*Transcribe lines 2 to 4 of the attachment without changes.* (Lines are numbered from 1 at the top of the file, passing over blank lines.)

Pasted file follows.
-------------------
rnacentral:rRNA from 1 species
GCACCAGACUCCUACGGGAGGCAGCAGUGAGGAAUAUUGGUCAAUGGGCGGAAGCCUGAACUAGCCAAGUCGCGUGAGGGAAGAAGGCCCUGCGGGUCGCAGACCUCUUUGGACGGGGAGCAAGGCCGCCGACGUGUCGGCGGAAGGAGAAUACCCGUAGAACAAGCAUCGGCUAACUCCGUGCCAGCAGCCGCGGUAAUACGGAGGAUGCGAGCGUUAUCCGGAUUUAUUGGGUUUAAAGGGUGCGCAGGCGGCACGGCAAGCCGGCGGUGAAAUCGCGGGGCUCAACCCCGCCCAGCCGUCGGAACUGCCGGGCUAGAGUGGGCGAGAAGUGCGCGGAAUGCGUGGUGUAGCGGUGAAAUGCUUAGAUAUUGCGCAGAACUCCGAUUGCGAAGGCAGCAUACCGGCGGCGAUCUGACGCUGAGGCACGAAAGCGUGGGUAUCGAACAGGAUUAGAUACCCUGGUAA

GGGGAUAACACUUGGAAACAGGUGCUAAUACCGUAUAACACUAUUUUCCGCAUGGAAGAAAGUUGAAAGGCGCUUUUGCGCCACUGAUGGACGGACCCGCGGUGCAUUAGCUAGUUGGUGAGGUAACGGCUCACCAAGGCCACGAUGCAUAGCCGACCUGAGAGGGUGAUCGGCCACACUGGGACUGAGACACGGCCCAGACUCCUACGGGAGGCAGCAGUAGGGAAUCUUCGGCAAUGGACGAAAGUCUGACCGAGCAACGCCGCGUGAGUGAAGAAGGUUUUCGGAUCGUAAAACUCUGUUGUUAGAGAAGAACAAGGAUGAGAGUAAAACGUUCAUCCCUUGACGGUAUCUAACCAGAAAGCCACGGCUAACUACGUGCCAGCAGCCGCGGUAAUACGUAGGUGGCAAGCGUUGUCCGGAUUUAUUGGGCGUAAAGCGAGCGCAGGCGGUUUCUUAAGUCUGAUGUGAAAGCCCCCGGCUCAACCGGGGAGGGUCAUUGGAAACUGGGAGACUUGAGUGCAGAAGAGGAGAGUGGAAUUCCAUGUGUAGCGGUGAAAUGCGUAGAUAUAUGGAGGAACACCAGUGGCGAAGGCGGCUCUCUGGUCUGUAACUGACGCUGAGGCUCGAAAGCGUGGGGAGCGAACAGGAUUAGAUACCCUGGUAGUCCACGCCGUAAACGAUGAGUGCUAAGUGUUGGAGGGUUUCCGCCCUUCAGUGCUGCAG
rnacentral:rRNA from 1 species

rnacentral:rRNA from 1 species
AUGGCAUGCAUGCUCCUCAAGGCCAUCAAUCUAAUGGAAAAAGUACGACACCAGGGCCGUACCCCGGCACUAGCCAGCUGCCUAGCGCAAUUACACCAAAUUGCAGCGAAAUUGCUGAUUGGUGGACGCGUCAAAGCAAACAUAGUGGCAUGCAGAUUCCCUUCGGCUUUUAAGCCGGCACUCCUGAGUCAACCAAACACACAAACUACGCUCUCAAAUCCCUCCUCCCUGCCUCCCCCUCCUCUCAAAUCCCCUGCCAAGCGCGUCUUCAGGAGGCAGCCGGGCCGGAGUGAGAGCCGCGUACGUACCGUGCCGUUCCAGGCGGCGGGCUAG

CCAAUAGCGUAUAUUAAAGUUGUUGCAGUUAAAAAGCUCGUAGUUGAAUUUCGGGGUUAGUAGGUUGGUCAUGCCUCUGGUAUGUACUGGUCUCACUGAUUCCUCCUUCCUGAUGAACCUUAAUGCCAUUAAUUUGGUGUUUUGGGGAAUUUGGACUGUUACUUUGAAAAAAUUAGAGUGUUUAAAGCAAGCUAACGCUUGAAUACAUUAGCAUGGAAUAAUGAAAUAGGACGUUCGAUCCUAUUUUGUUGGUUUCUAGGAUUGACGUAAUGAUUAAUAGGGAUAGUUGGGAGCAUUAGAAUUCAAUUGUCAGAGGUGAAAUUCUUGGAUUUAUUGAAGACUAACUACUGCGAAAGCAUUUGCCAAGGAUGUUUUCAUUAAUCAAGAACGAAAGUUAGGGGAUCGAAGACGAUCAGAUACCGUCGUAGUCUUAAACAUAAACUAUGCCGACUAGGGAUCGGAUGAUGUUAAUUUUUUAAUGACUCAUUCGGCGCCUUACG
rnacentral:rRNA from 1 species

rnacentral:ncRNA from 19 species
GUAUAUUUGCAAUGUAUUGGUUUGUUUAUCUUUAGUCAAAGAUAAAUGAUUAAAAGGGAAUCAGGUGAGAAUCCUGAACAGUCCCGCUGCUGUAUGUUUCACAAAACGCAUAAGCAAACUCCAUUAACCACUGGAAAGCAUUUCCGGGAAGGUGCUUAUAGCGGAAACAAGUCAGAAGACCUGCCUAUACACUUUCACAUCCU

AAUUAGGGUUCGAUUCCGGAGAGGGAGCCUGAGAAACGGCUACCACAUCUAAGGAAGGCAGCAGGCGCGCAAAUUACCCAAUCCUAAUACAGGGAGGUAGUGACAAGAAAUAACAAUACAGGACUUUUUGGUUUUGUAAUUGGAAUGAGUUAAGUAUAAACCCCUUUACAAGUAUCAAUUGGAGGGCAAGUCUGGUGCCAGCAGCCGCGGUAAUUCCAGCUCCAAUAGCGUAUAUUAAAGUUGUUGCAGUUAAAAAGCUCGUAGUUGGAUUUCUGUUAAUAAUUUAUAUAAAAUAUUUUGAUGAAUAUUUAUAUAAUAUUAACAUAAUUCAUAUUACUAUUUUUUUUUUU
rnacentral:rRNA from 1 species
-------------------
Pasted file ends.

GCACCAGACUCCUACGGGAGGCAGCAGUGAGGAAUAUUGGUCAAUGGGCGGAAGCCUGAACUAGCCAAGUCGCGUGAGGGAAGAAGGCCCUGCGGGUCGCAGACCUCUUUGGACGGGGAGCAAGGCCGCCGACGUGUCGGCGGAAGGAGAAUACCCGUAGAACAAGCAUCGGCUAACUCCGUGCCAGCAGCCGCGGUAAUACGGAGGAUGCGAGCGUUAUCCGGAUUUAUUGGGUUUAAAGGGUGCGCAGGCGGCACGGCAAGCCGGCGGUGAAAUCGCGGGGCUCAACCCCGCCCAGCCGUCGGAACUGCCGGGCUAGAGUGGGCGAGAAGUGCGCGGAAUGCGUGGUGUAGCGGUGAAAUGCUUAGAUAUUGCGCAGAACUCCGAUUGCGAAGGCAGCAUACCGGCGGCGAUCUGACGCUGAGGCACGAAAGCGUGGGUAUCGAACAGGAUUAGAUACCCUGGUAA

GGGGAUAACACUUGGAAACAGGUGCUAAUACCGUAUAACACUAUUUUCCGCAUGGAAGAAAGUUGAAAGGCGCUUUUGCGCCACUGAUGGACGGACCCGCGGUGCAUUAGCUAGUUGGUGAGGUAACGGCUCACCAAGGCCACGAUGCAUAGCCGACCUGAGAGGGUGAUCGGCCACACUGGGACUGAGACACGGCCCAGACUCCUACGGGAGGCAGCAGUAGGGAAUCUUCGGCAAUGGACGAAAGUCUGACCGAGCAACGCCGCGUGAGUGAAGAAGGUUUUCGGAUCGUAAAACUCUGUUGUUAGAGAAGAACAAGGAUGAGAGUAAAACGUUCAUCCCUUGACGGUAUCUAACCAGAAAGCCACGGCUAACUACGUGCCAGCAGCCGCGGUAAUACGUAGGUGGCAAGCGUUGUCCGGAUUUAUUGGGCGUAAAGCGAGCGCAGGCGGUUUCUUAAGUCUGAUGUGAAAGCCCCCGGCUCAACCGGGGAGGGUCAUUGGAAACUGGGAGACUUGAGUGCAGAAGAGGAGAGUGGAAUUCCAUGUGUAGCGGUGAAAUGCGUAGAUAUAUGGAGGAACACCAGUGGCGAAGGCGGCUCUCUGGUCUGUAACUGACGCUGAGGCUCGAAAGCGUGGGGAGCGAACAGGAUUAGAUACCCUGGUAGUCCACGCCGUAAACGAUGAGUGCUAAGUGUUGGAGGGUUUCCGCCCUUCAGUGCUGCAG
rnacentral:rRNA from 1 species